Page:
Changing spaces (again)

I mentioned in one of my recent posts that we are in the planning stages with a builder to build a new studio at our new residence. It's coming along-- I'm excited! 😃  But given that we are just in the permit stage, I know enough about building an art studio to know that it will be a while yet before that dream becomes a reality.  Meanwhile, it will be important to save some money to help pay for the new digs. Sooo, I'm giving up my rental space and yet again, moving my studio. 

This time I will attempt to work once more in the house. I feel like we have rearranged our house so many times in the year that we have lived here, that it's comical. So what's one or two times more, in the scheme of things? The room I've cleared out for my little temporary studio has been a catch-all room; a mud room, a temporary guest bedroom, and eventually it will be my office.  It has a door that leads to the back screened porch and faces the site of the future studio. It sits a bit away from the rest of the house, and is just down the hallway from the garage. So in some ways,  the location is ideal for a little painting space.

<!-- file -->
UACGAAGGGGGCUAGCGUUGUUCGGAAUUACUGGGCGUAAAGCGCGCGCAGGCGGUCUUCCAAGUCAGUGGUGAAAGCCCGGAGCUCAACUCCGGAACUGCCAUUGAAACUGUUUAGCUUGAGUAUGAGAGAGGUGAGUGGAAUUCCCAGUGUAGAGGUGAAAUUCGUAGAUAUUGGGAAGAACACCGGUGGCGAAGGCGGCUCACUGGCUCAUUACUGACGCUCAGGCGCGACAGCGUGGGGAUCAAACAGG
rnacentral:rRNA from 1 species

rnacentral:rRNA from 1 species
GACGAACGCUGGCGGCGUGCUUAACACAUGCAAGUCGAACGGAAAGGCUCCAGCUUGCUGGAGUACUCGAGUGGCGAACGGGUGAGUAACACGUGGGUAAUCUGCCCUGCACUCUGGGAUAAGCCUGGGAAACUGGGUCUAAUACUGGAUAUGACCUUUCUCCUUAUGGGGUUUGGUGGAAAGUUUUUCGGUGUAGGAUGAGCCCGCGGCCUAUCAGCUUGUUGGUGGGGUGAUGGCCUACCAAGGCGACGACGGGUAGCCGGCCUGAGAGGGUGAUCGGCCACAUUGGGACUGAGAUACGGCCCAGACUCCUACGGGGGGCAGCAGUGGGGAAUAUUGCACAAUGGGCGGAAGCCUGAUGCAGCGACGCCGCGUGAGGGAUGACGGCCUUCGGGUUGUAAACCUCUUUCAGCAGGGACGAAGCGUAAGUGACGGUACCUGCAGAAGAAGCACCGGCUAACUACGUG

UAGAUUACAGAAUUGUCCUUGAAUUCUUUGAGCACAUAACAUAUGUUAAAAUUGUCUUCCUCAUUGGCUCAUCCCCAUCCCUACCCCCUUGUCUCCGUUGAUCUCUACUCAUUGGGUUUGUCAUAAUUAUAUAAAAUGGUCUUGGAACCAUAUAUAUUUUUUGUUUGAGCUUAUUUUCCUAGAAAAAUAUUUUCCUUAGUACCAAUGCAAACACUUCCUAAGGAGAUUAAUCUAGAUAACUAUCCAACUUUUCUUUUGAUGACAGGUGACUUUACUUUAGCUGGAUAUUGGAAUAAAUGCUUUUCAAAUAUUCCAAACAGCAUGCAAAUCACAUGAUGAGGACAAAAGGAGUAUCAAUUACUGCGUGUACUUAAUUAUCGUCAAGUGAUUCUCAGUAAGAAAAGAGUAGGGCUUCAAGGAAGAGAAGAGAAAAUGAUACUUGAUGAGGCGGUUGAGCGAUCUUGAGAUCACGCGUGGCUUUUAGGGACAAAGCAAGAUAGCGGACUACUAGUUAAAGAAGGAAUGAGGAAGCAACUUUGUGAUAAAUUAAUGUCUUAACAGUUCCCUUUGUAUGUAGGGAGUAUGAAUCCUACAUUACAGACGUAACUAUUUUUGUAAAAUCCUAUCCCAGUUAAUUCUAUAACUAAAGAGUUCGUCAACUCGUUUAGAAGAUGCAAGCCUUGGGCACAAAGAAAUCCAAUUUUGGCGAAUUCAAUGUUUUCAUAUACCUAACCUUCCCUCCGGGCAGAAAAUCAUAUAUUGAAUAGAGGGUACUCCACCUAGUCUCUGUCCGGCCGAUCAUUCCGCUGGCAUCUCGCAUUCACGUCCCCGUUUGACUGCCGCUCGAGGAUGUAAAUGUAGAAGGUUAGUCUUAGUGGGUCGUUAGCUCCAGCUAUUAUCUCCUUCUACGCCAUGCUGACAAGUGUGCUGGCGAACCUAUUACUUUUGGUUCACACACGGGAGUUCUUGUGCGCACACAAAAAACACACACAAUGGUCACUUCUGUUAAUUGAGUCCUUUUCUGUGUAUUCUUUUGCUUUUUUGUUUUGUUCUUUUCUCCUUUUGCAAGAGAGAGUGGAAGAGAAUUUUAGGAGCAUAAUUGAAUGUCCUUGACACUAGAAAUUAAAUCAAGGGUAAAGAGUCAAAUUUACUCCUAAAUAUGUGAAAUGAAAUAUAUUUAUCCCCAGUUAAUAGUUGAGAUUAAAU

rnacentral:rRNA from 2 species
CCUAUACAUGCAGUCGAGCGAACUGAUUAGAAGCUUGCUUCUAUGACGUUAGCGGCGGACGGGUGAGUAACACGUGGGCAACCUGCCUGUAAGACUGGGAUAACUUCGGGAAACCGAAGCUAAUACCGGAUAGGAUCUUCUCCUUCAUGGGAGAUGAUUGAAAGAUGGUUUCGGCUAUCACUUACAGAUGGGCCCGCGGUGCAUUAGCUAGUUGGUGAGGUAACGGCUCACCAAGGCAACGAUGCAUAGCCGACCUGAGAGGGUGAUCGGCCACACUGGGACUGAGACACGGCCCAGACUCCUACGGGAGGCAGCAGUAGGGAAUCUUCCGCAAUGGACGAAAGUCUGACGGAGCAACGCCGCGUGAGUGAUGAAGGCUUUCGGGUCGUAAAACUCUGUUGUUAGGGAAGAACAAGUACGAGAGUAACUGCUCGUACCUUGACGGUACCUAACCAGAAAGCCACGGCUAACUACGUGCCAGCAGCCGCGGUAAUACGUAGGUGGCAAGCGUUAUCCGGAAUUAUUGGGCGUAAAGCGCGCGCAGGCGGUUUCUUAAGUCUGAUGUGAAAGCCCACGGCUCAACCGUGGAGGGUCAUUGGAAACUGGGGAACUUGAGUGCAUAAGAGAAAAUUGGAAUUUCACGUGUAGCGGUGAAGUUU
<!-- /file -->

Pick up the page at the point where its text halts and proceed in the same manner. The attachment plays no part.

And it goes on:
What's not ideal though, at ALL, is the lighting. This room is very, very dark, which is why I never thought to use it previously for a home studio. What's changed since we moved to Ashland though,  is the easel light, shown below (installed on my Sorg easel, with an unfinished painting.)